Med­i­cal pro­ce­dure gives baby a chance

The News Herald (Willoughby, OH) - - Front Page - By Jean Bon­chak

Twenty years ago, baby Lorenzo’s mul­ti­ple heart de­fects likely would have cut short his young life.

So say doc­tors who per­formed an in­no­va­tive and un­com­mon surgery on now 8-months-old Lorenzo while he was still be­ing car­ried in his mother’s womb.

After an exam dur­ing Heather Catanese’s 22nd week of preg­nancy, she learned that the left side of the child’s heart was not func­tion­ing prop­erly. The di­ag­no­sis was three­fold: se­vere aor­tic steno­sis, se­vere mi­tral re­gur­gi­ta­tion and evolv­ing hy­poplas­tic left heart syn­drome.

“Ba­bies born with HLHS are some­times re­ferred to as hav­ing half a heart, be­cause the left cham­bers of the heart are too small to pump blood to the body,” ac­cord­ing to in­for­ma­tion from UH Rain­bow Ba­bies & Chil­dren’s Hos­pi­tal. “Not only did this fe­tus have de­vel­op­ing HLHS, but he also had se­vere leak­age of an­other heart valve.

“Sta­tis­tics show that ba­bies with this com­bi­na­tion of de­fects have a 10 per­cent chance of sur­vival to 6 months of age.”

Once the un­for­tu­nate news was given, Heather said that she and her hus­band An­thony, who live in Chardon, had few ex­pec­ta­tions for a full-term, healthy baby.

“It didn’t seem like there would be a vi­able out­come. It was very dif­fi­cult to go over the what-ifs,” she re­called.

Dr. James Strainic, direc­tor of the Fe­tal Heart Pro­gram at UH Hos­pi­tals Rain­bow Ba­bies & Chil­dren’s Hos­pi­tal, ex­plained to them that Lorenzo’s con­di­tion was “one of the worst pos­si­ble com­bi­na­tion of prob­lems - the block­age of one valve and the se­vere leak­age of an­other,” the Catane­ses were given a glim­mer of hope.

Doc­tors in­formed the cou­ple of a con­gen­i­tal Heart Col­lab­o­ra­tive com­prised of a part­ner­ship be­tween Rain­bow and the Na­tion­wide Chil­dren’s Hos­pi­tal in Colum­bus which is able to per­form a unique in-utero pro­ce­dure named Fe­tal Aor­tic Valvu­lo­plasty that could pos­si­bly im­prove their un­born son’s con­di­tion.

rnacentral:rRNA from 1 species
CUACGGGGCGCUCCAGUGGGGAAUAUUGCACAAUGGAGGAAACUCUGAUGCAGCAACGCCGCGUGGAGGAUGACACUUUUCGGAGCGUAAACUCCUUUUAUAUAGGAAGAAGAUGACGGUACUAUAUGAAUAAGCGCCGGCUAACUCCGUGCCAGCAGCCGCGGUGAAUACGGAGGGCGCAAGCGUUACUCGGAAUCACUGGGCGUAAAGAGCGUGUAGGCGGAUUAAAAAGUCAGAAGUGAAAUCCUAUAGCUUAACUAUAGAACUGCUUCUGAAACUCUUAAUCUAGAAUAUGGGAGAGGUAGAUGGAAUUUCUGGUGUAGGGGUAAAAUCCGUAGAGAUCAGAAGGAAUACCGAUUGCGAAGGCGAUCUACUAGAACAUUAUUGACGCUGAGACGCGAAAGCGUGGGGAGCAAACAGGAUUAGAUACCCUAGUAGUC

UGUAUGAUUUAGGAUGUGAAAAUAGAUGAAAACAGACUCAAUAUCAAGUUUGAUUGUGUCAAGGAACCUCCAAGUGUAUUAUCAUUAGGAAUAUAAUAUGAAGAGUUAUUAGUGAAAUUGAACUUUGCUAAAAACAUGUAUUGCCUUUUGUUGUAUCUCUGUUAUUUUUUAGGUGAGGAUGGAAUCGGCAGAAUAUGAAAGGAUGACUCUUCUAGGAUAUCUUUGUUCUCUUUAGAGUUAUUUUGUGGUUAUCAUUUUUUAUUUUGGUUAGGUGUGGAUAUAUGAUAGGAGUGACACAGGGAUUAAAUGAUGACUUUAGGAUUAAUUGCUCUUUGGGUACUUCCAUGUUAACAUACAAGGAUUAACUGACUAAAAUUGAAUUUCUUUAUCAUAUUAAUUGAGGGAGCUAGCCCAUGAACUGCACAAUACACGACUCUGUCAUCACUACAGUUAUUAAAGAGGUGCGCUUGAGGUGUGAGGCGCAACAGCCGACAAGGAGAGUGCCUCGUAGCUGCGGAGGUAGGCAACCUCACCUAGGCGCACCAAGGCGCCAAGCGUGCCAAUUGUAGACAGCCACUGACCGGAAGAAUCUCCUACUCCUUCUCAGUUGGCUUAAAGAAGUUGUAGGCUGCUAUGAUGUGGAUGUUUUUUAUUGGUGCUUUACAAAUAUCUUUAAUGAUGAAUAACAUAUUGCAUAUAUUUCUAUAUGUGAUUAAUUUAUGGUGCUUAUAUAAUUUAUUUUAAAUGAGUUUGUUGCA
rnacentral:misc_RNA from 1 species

How­ever, first it was nec­es­sary to de­ter­mine if Lorenzo was a pos­si­ble can­di­date. Next, the Catane­ses needed to de­cide if they were will­ing to take the risk as the rarely per­formed op­er­a­tion did not en­sure suc­cess.

Armed with in­for­ma­tion that their son was suitable for the pro­ce­dure as well as ex­ten­sive knowl­edge gleaned though re­search done by the cou­ple, they chose to move ahead in hopes that the Aor­tic Valvu­lo­plasty would help to bring about his live birth.

Op­ti­mally, the min­i­mally in­va­sive fe­tal pro­ce­dure is to at­tempt to re­verse the de­vel­op­ing HLHS and de­crease the num­ber of open heart surg­eries for the child later in life, ac­cord­ing to Dr. Aimee K. Arm­strong, direc­tor of Car­diac Ca­theter­i­za­tion and In­ter­ven­tional Ther­a­pies at Na­tion­wide.

How­ever, the Catanese fam­ily was only hop­ing “to give him a chance at life. To meet him, to hold him, to meet his brothers,” An­thony said.

Any ad­di­tional pos­i­tive out­come would be a pre­cious bonus.

The pro­ce­dure proved to be a suc­cess and weekly ul­tra­sounds re­vealed con­tin­u­ous im­prove­ment through­out the re­main­der of Heather’s preg­nancy.

On May 18, Lorenzo was born and placed in his mother’s wait­ing arms.

“That was a big win for us…the fact that they let me hold him,” Heather said. “He was do­ing so well. These were all happy mo­ments.”

The only other surgery Lorenzo has needed thus far was a bal­loon pro­ce­dure per­formed when he was 3 weeks old and he also re­sponded well to that. He con­tin­ues to be tested reg­u­larly and no other prob­lems have arisen.

The ac­tive, nor­mally de­vel­op­ing in­fant sits, crawls and loves watch­ing his brothers Gianni, 6 and Luca, 5, at play.

“He will turn his body and flip around to be with his brothers. He wants to be right in the mix,” Heather said.

Be­cause the fe­tal pro­ce­dure is tech­ni­cally ex­per­i­men­tal, in­sur­ance does not cover its cost. Even­tu­ally, with more cases be­ing com­pleted, the Catane­ses hope that cov­er­age will be ap­proved.

In the mean­time, they have ini­ti­ated a Benev­o­lent Fund, The Fe­tal Heart Foun­da­tion, to raise money for the Con­gen­i­tal Heart Col­lab­o­ra­tive at UH Rain­bow Ba­bies & Chil­dren’s Hos­pi­tal.

The first event is sched­uled for July 27 at the Cleve­land Mu­seum of Nat­u­ral His­tory.

At this point in time grat­i­tude ranks high on their pri­or­ity list.

“I am so thank­ful that we’re here in this city with this amaz­ing health care, to be at the hos­pi­tal with the team,” Heather said. “Not even a lot of doc­tors know about this pro­ce­dure.” An­thony agrees. “I feel so blessed and for­tu­nate that peo­ple are do­ing this pro­ce­dure and giv­ing ba­bies like Lorenzo a chance at life,” he said.

SUB­MIT­TED

Pic­tured are Heather and An­thony Catanese with in­fant son Lorenzo. The child un­der­went a rare pro­ce­dure to cor­rect se­ri­ous heart de­fects while in-utero.

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